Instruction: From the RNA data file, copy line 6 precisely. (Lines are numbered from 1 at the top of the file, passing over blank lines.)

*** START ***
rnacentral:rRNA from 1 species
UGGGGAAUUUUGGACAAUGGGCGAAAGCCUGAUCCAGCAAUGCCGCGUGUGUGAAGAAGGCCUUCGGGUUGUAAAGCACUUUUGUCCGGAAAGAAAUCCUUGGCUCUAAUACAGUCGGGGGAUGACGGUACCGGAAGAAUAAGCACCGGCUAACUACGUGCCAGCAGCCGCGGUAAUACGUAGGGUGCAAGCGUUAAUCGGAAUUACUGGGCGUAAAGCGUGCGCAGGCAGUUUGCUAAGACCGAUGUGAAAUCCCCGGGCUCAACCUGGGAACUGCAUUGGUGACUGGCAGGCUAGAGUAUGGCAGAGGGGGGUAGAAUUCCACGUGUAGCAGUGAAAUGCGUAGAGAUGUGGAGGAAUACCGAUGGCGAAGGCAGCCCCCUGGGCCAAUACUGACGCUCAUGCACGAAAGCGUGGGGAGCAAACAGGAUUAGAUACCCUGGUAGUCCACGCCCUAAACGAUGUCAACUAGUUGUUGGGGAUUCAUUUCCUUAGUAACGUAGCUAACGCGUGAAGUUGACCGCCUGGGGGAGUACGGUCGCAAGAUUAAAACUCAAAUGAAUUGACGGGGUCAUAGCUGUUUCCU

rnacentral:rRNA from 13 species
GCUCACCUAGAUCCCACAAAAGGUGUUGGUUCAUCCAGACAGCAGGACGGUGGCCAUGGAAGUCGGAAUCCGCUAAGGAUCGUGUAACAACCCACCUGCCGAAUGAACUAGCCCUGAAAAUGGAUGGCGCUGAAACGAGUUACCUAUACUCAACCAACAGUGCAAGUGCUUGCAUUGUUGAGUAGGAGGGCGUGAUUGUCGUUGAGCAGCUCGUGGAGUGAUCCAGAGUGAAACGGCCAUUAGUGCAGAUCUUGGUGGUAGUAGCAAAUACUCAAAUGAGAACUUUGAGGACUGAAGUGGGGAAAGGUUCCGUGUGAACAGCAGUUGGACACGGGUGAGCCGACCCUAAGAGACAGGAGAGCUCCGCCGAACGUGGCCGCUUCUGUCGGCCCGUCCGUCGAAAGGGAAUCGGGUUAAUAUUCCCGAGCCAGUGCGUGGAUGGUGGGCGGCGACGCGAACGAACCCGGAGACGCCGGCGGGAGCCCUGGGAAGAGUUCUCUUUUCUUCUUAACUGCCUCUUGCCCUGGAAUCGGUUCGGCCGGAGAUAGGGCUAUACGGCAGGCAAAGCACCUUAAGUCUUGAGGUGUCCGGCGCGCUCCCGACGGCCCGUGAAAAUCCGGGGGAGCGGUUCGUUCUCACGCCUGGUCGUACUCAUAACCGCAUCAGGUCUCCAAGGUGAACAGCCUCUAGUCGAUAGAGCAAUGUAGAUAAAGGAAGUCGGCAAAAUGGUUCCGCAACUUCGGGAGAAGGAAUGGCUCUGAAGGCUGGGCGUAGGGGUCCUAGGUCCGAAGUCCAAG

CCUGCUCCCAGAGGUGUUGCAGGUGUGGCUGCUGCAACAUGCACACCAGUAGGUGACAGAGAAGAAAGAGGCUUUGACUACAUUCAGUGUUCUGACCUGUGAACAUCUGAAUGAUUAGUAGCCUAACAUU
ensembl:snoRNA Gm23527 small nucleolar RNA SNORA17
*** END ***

ensembl:snoRNA Gm23527 small nucleolar RNA SNORA17